I always knew I was a little different. When I was a child, I was labeled “shy.” But I didn’t quite fit the description of an introvert. I liked to socialize and be around people, but with limits. After a few hours, I would become mentally and emotionally exhausted — hung-over from the interaction and stimulation.
I was often told I needed to grow a thicker skin. I wanted to be one of the hearty ones who didn’t feel the emotions of everyone in the room — who could shut out the sights, sounds, and smells that surrounded me, instead of becoming exhausted by them.
A year ago, I finally found a fitting description for a person like me: I am a Highly Sensitive Person (HSP), a term coined by the psychologist Elaine Aron. I have pretty much every characteristic of an HSP, and Dr. Aron says that this trait affects 15 to 20% of the population. It’s innate and is not something to be ashamed or embarrassed about. Hallelujah!
Now that I know what it is, I don’t struggle against it. I’ve accepted my sensitive self and am trying to construct a life that is more comfortable for me, rather than trying to push myself into lifestyle choices that don’t fit my personality.
When I was a brand new mom, I hadn’t learned about HSPs and found motherhood to be, well, overwhelming. I think new motherhood is overwhelming to anyone, but I experienced it as particularly draining to all my senses. Even as the years go by, I see that I am never going to be a mom who can court her kids around town every day, or who can just shut out the constant noise of parenting.
There are always going to be things I struggle with, but I take solace in the fact that I’m not alone in these struggles. Maybe some of you will relate to the kinds of things that tend to overwhelm us highly sensitive moms.
1. Playdates exhaust us.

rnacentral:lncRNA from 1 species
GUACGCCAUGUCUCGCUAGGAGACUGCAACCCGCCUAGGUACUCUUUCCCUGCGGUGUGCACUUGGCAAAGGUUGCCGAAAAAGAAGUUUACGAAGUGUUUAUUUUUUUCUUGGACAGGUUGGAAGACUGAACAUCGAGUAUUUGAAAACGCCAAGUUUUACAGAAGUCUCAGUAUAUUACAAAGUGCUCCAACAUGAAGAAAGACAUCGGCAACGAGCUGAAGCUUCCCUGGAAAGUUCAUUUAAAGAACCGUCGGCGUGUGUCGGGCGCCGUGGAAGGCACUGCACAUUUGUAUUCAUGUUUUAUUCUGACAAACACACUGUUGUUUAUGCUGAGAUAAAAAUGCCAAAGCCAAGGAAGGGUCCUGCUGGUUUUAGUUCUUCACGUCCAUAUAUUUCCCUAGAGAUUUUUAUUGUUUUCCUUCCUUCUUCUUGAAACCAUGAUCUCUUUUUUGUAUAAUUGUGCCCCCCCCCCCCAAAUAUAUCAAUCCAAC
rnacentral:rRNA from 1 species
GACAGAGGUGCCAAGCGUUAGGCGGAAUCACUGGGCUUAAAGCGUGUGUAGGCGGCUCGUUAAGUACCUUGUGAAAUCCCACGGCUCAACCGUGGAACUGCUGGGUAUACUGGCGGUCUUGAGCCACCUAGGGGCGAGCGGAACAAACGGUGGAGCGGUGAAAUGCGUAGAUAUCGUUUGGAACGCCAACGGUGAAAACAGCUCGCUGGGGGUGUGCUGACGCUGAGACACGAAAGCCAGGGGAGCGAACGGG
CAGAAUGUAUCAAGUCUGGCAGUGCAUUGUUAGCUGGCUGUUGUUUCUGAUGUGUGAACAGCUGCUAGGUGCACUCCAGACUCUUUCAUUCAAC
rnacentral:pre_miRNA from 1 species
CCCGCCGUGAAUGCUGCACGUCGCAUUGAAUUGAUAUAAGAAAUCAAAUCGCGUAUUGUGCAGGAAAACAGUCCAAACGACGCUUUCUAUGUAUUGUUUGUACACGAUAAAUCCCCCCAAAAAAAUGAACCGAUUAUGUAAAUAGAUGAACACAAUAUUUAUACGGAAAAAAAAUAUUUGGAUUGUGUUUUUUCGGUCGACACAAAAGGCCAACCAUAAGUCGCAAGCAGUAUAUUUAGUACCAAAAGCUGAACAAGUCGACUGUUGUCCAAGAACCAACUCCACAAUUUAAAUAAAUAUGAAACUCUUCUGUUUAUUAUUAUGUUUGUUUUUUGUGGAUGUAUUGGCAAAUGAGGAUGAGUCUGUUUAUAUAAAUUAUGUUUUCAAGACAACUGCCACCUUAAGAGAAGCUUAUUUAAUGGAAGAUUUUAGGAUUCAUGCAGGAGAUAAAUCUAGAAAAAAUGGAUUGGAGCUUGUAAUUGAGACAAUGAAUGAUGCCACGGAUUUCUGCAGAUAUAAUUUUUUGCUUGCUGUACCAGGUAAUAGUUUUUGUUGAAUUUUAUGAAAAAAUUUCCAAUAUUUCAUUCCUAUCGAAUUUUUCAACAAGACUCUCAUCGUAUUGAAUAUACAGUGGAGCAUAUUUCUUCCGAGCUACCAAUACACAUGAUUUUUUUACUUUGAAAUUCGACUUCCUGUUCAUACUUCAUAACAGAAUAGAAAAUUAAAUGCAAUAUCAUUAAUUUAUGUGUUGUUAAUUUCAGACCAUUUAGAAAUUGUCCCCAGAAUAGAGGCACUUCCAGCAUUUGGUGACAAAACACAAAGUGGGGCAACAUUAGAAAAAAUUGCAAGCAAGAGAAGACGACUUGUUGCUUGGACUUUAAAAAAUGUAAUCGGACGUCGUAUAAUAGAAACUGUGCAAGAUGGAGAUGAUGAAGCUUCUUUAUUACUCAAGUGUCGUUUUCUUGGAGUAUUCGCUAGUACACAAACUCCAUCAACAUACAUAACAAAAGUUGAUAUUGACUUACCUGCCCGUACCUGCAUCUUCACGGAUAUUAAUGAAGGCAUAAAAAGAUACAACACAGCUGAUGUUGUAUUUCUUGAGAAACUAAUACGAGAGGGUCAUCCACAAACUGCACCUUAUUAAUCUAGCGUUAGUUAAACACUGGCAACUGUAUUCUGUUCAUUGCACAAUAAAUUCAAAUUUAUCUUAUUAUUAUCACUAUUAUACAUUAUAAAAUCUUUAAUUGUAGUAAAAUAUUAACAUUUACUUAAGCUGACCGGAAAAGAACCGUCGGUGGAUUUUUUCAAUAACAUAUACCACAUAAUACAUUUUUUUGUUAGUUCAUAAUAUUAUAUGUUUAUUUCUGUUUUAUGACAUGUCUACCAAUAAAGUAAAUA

It’s not just the endless messes the kids create or the myriad of opportunities for one kid to bop another kid on the head with a Mega Block. Just planning for a playdate can make our heads spin, not to mention having to keep up with the adult conversation and kid interaction at once (we are horrible multitaskers). It’s not that we don’t want to have playdates with you and your tyke. We just might not want too many of them, and we will probably prefer them to be on the shorter side.
2. We might just skip a moms’ night out too.
I love my mom friends, but I usually prefer to hang out with them one-on-one. Plus, I’m often just too emotionally exhausted after a full day of kid-care to go out to a bar once my kids are asleep. We sensitive moms want nothing more than silence at the end of our days. A little Netflix and red wine can enter the picture on occasion as well.
3. We feel EVERYTHING.
I have been known to feel it immediately when someone who is upset or suffering enters the room, even if they’re trying to hide it from everyone else. It’s really hard for us highly sensitive moms not to absorb every little sorrow or bad mood our kids have, either. This makes us very empathetic, but since kids are known to be emotional basket cases so much of the time, we can end up feeling totally depleted, touched out, and drained a lot of time. It sucks (pun intended).
4. Upsetting news gets under our skin.
I know that since I became a mom, I have been particularly affected by the news. If a child is harmed, I can’t help but picture my own child. I become easily depressed and hopeless, even about things that don’t directly affect me. I have had to turn off the news more and more lately just to stay even-tempered and calm around my kids.
5. Too much busy is really taxing for us.
I used to feel guilt about not wanting to sign my kids up for too many extracurricular activities and preferring not to pack too much fanfare into our weekends. But I’m just a homebody at heart — and it turns out that my kids are, too. We do have our fun, but in moderation. I have given up on trying to be a busy mom when that is just not how I prefer to function.
6. We love our kids, but we need tons of breaks.
I love my kids to the moon and back, but I can’t be with them 24/7, especially as they’ve gotten older and become rowdy, motor-mouth, climb-all-over-you boys. I was a SAHM for almost a decade, and now that I am sending my youngest off to school, I see that I could have used a lot more quiet this past decade. I know that many moms feel that way, but for us highly sensitive moms, breaks from our little ones is a necessity.
Here’s what we highly sensitive moms ask for more than anything: Please don’t take our silence or our need to retreat personally. Our senses are just easily overloaded, and we need more breaks and silence than the average person.
But here’s our biggest asset: We love with all our hearts. And that goes for our kids, our friends, and even strangers on the street. So if you take the time to get to know us, we will give you our heart. We only ask that you handle it with care.
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